The Finnish Connection
During the first half of the 19th Century many adventurous Finnish settlers contributed to the development of Russian America. The 1700s and 1800s were a time of imperial expansion and colonial occupation for many European nations. At this time the Russian Empire extended well beyond Russia's current geographic boundaries. Modern-day Finland was among the key territories of this empire. It was established as a Grand Duchy, or semi-autonomous territory, in 1809 just five years after the Russian establishment of New Archangel, or modern-day Sitka.
Etholen began his career with the Russian Imperial Navy in the early 1800s, leading trips into Russia's American territories. He served as Chief Manager of the Russian American Company from 1840-1845. As the leader of the Russian American Company, Etholen resided in New Archangel with his wife, Margaretha Hedvig Johanna Etholen.
While in New Archangel, Etholen instituted the practice of laying cut stone foundations for important buildings, dramatically improving their lifespans. He oversaw the construction of the Russian Bishop's house, the Finnish Evangelical Lutheran Church, and the first stages of the construction of St Michael's Orthodox Cathedral. He also endeavored to improve the strained relationship between the native Tlingit community and the Russian colonists. He hired Tlingit men to work on construction projects and threw festivals outside the city walls, to which all were invited including prominent members of Tlingit society who were honored with gifts.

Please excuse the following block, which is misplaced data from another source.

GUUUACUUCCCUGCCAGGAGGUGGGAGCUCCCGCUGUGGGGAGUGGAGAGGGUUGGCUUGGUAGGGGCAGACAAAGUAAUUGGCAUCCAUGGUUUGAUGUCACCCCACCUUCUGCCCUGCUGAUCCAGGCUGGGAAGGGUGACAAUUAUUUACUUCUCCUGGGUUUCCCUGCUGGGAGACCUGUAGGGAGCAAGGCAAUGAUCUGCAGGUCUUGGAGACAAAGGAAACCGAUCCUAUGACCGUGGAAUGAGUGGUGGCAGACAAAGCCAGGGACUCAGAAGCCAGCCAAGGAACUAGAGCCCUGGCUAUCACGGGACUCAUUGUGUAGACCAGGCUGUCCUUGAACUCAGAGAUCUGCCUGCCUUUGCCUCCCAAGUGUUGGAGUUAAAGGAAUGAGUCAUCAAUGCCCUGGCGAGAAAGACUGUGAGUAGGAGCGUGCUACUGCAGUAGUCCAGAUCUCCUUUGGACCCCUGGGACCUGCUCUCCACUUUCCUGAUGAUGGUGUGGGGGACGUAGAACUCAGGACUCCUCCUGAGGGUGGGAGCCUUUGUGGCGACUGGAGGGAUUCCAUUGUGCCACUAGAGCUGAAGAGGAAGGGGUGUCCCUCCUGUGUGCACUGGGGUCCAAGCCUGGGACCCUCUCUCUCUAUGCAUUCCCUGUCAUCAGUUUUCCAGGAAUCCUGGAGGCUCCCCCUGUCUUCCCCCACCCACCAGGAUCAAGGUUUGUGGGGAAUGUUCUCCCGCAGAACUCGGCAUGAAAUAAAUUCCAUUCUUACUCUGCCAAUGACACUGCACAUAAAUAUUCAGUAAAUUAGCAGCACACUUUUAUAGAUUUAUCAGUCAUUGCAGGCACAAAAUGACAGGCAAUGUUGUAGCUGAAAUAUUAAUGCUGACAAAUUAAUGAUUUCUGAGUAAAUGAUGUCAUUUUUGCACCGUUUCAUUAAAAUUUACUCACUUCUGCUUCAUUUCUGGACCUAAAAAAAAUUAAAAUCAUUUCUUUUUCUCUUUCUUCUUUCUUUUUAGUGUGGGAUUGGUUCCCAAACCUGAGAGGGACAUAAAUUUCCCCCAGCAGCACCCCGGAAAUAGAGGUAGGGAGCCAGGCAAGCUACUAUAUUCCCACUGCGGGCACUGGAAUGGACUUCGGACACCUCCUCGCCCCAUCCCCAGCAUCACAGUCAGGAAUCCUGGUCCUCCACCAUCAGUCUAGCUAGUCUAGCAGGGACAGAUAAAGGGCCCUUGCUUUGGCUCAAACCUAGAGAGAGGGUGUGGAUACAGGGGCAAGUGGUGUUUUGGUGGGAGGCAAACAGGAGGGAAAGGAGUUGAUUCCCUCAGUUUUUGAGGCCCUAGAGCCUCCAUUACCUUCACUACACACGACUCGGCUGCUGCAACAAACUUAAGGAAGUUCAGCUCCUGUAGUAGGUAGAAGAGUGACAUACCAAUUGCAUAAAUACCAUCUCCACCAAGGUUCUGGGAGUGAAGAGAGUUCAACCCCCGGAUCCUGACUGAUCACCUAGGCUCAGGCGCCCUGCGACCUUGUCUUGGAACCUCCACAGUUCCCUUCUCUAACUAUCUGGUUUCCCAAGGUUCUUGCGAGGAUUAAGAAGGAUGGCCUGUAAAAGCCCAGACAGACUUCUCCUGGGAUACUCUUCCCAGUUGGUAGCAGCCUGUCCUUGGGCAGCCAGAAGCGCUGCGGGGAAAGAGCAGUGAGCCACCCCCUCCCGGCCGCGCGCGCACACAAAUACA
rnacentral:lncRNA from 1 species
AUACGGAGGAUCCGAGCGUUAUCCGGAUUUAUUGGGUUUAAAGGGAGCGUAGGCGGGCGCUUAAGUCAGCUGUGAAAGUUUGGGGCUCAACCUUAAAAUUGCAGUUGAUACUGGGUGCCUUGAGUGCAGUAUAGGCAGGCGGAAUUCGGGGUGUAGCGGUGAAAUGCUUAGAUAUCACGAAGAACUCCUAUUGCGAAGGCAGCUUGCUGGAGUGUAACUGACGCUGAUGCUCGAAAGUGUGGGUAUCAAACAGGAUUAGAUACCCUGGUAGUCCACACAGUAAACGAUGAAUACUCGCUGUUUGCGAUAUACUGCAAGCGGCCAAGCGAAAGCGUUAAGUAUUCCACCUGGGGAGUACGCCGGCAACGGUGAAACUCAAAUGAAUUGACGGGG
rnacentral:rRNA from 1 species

Margaretha Etholen also made important contributions to Russian America during her years in New Archangel. Originally a teacher, Margaretha began a successful boarding school for girls. Drawing upon Finnish teaching methods, the school catered to all social classes and represented a progressive stance on education.
Finnish settlers in Russian America were successful in many other ways. Finnish physicians Dr. Frankenhaeuser and Dr. Pippingskiold served the health needs of Russian American Company employees; scientist Henrik Holmberg published an ethnography of Russian America; and the Finnish engineer Hjalmar Furuhjelm opened the first coal mine in Alaska. And of course, in an era so characterized by seafaring, the Finns contributed notably to that as well. J.J. Conradi, J.W. Weckman, Axel Juselius and Lars Krogius were just a few of the Finnish officers who commanded vessels for the Russian American Company.
The Finnish Legacy